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Data Trends & Insights

Don’t fall for these common traps in gaming analytics

Friday, Feb 09, 20245 min read
Emil Bring

If you work for a game developer, you know how important it is to analyze your players' data. It can help you figure out what players like, what they don’t like, and how you can make your game better and more profitable. But it’s not as simple as it sounds. There are lots of things that can go wrong or confuse you when analyzing gaming data. Here are some of the most common ones, and how to avoid them.

The most common mistakes when analyzing gaming data

1. “My revenue patterns are changing and I don’t know why”

You want to make sure that your game is making money, right? That’s why you need to keep an eye on revenue-related metrics like Daily Active Users (DAU), Monthly Active Users (MAU), and Average Revenue Per User (ARPU). These metrics tell you how many people are playing your game, how often they play, and how much they spend. But they don’t tell you the whole story. There are lots of other factors that can affect your revenue, and sometimes they mess with your numbers.

In mobile games, you might have some players who spend a lot more than the typical player (commonly called “whales”). If some of these whales quit your game, your ARPU can drop like a rock, even if your other metrics look good. But you won’t know that unless you dig deeper into your data. Maybe your whales left because they got bored, or they found a better game, or they simply ran out of money. Or maybe your revenue dropped because you changed something in your game, like the prices, the rewards, or the difficulty.

If you’re an analyst or a data scientist, you probably have to do things like forecast revenue, optimize your monetization, or find patterns in player behavior. To do that, you need to understand what’s really driving your revenue, and what’s messing it up. That means you need to look beyond the obvious metrics, and explore the hidden ones.

2. “More players are playing my game, but they don’t stick around for long”

Another critical metric to track is Retention Rate because it tells you how long players stay engaged in your game. But not all Retention Rates are the same. There are different ways to measure it, depending on what you want to achieve, how you make money, how your players behave, and how your game works. 

Some look at how many players are still playing after a certain period, while others look at how many players buy something or perform certain in-game actions. If you use the wrong measure, you might get the wrong idea about your game’s performance. That’s why you need to know exactly what your retention rate means for your objectives.

Let’s say you have a mobile game and you launch a special event or a seasonal offer. This brings in a lot of new and old players, who boost your DAU and ARPU. But after the event or the offer ends, many players get bored and quit your game. In this case, the retention rate will go down, even though it looks like you’ve got more players and more money in the short term.

To efficiently keep track of your retention, remember to choose the right retention rate formula and time frame. There are different ways to measure it, such as D1/7/30 Retention, Stickiness, Cohort Retention, or Rolling Retention. Each one has its advantages and disadvantages, depending on your game’s characteristics and goals. You also need to decide on the appropriate time frame for your retention rate, such as days, weeks, or months. Make sure to have good think about what makes sense for your objectives.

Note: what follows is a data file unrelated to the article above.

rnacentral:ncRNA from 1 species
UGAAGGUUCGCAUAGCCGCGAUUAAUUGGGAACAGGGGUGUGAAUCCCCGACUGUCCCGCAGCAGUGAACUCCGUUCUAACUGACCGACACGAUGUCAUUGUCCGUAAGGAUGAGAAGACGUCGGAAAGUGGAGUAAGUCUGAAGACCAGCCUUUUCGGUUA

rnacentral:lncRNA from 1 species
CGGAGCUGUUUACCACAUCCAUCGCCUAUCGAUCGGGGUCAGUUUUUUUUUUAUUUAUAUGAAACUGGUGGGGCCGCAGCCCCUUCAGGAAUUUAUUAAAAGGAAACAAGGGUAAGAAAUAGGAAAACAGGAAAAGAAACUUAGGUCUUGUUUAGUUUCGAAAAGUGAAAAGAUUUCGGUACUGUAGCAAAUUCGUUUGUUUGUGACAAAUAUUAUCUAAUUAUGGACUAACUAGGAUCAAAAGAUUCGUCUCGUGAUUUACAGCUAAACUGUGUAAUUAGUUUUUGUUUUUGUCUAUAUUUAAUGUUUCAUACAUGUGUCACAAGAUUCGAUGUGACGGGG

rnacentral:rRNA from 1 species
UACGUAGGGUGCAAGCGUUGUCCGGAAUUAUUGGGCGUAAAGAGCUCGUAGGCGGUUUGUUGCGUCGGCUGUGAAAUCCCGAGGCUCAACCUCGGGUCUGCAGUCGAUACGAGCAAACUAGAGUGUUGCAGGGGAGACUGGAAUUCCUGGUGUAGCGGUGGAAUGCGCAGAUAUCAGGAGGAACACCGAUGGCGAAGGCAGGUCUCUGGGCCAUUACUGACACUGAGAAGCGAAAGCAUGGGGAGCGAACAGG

3. “My player behavior data is too incomplete to draw any valuable insights from” 

How your players behave in-game is one of the most useful sources of information for game developers. It teaches you how players play your game, what they enjoy and dislike, and how you can make the game better and more fun. But sometimes, you don’t have enough or good quality data to work with. This can make it hard or impossible to draw any valuable insights from it. Incomplete data can happen for many reasons, such as:

  • Technical problems: There may be glitches or bugs in the data collection or integration process, causing some data to be missing, corrupted, or wrong. For example, the game may not record some events or actions, or data pipelines may break or lose some data along the way.
  • User problems: There may be differences or gaps in the user behavior or feedback, causing some data to be inconsistent or not enough. For example, a user may play your game irregularly or rarely, or a user may not answer a survey or a rating request.
  • Game problems: There may be changes or updates in the game design or content, causing some data to be incomparable or outdated. For example, your developers may add a new feature or level, or change or remove an existing feature or level.
  • Player behavior data can help you improve your game, but it’s also often incomplete or unreliable for various reasons. This quickly leads to misleading conclusions or prevents you from finding any meaningful patterns in the data. That's why it becomes mission-critical to ensure you can monitor and alert for any missing data as soon as it happens, and easily trace your data lineage for root causes.

    Stillfront Group ensures data trust with Validio

    The most efficient way to solve these challenges is to make sure you have end-to-end visibility of your data as it changes across your environment. Typically, data-led companies do that by implementing Data Observability to pinpoint and resolve issues quickly, and to establish complete trust in their most important data. Global games leader Stillfront uses Validio to identify, troubleshoot, and resolve data issues in real-time before they affect revenue, game performance, or player experience.

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